Partnership Between UW-La Crosse and WIPHL Is A Model For Health Educator Training Programs

By Laura Saunders, MSSW

When behavioral screening and intervention (BSI) becomes routine in healthcare settings, where will the new workforce of trained health educators come from to provide these services? Luckily, Dr. Gary Gilmore is helping take care of just that.

At the University of Wisconsin – La Crosse (UW-L), Dr. Gilmore and his colleagues are preparing the university’s community health education students for the future task of delivering BSI in general healthcare settings.

With help from WIPHL and funding from the UW School of Medicine and Public Health’s Wisconsin Partnership Program, UW-L faculty developed the curriculum for the initial course and was trained in Motivational interviewing (MI). MI is an evidence-based approach to facilitating conversations that help people recognize and take action upon their internal motivation for change. The MI approach provides  us with a method of communication that serves as a solid foundation for BSI.

Last semester, 10 students completed a 16-week, 3-credit course on a MI approach to delivering BSI. Feedback from the health education students indicates that this course is indeed a step in the right direction.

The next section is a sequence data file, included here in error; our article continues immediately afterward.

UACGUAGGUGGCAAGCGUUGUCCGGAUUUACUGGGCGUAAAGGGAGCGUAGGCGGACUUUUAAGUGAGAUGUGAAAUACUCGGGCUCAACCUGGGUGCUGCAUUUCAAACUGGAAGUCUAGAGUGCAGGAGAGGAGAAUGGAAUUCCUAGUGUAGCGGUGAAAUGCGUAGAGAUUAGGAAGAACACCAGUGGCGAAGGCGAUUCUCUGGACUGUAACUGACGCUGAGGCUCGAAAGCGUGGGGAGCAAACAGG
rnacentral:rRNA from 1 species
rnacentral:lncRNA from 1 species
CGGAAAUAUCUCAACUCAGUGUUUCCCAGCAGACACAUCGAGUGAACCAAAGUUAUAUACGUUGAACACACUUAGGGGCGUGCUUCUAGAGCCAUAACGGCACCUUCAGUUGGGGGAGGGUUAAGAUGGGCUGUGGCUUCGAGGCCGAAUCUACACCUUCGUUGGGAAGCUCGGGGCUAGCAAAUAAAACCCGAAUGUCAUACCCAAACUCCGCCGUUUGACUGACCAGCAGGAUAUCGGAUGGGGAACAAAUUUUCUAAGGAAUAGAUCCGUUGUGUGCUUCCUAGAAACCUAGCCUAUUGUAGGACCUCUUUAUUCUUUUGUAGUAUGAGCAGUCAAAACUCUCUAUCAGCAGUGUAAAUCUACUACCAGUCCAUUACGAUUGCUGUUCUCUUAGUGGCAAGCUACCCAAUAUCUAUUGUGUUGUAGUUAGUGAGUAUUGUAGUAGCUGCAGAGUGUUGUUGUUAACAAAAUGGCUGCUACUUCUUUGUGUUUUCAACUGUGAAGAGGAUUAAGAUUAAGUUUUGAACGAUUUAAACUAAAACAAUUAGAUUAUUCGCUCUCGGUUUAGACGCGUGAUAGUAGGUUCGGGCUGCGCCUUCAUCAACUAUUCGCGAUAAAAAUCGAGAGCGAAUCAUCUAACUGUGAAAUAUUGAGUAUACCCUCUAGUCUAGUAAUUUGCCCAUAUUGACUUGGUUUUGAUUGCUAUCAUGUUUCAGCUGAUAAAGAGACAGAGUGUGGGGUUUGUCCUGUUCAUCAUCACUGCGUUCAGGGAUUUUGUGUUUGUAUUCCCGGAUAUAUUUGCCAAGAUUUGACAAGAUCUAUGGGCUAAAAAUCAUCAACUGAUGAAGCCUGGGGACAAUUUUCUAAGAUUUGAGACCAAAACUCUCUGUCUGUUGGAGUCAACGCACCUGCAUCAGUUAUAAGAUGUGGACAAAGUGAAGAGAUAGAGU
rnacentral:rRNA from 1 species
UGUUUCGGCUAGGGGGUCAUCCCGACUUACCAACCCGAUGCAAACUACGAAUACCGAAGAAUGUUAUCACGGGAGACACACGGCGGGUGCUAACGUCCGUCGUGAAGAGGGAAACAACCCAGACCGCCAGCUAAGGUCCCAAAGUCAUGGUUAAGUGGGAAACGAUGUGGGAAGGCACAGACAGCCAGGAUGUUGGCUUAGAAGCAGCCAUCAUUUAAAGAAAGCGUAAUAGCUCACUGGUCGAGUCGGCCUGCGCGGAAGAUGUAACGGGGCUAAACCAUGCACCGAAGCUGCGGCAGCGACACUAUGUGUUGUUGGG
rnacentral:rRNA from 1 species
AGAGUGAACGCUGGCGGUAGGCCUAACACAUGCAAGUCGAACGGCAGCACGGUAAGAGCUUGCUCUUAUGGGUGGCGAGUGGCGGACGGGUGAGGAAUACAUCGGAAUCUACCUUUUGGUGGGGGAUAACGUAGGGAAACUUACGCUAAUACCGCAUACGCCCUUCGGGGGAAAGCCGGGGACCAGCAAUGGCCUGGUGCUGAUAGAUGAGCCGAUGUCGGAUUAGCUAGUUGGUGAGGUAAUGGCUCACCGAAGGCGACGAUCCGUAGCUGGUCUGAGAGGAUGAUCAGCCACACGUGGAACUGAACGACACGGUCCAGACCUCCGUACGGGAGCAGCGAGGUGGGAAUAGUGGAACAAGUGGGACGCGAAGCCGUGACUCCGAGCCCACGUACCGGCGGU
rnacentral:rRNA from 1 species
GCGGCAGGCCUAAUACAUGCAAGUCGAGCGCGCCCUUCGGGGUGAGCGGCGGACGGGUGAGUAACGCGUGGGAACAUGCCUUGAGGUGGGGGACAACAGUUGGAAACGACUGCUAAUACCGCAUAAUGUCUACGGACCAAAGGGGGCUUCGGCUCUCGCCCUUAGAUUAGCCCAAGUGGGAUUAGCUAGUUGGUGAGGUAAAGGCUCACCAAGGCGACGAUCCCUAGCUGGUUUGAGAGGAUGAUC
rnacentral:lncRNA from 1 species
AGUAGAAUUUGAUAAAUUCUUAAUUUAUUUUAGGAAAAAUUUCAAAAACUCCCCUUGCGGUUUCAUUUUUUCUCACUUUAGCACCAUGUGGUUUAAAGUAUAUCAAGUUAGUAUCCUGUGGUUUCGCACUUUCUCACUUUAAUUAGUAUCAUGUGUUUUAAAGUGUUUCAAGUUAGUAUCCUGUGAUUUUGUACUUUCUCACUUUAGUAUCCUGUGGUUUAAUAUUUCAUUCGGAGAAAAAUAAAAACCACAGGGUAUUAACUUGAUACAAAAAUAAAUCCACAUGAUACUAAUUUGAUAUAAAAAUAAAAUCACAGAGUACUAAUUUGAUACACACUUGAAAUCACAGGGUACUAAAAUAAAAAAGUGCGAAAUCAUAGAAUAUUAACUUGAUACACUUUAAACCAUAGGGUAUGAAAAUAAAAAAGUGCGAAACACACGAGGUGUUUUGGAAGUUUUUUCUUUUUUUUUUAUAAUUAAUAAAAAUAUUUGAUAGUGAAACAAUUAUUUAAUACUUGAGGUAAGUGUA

• “This (course) is an innovative and highly effective evidence-based technique that is applicable to almost every health topic.  It is one of the best tools I’ve added to my professional toolkit.”
  • “I believe this class is something that I can take with me no matter what I end up doing in my professional career.  We have the opportunity to interact with people on a daily basis, having active listening skills are a valuable practice that not many people do well.”
  • “This is exactly what we need as health educators.  It teaches us that we can’t just fix people with education.  I think this should be a mandatory class.”
  • “I believe everyone working in health professions should learn MI.”

This semester, those students are delivering BSI in a 16-week preceptorship at various clinical sites.  WIPHL’s Dr. Rich Brown and Laura Saunders are consulting with the sites about modifying patient flow to maximize BSI delivery.  The UW-L faculty are conducting regular case teleconferences with their students, and reviewing and giving feedback on audiotapes of interviews between the students and actual patients.

The two-semester program will be revised, based on evaluation data, and offered to more students in the 2013-2014 academic year.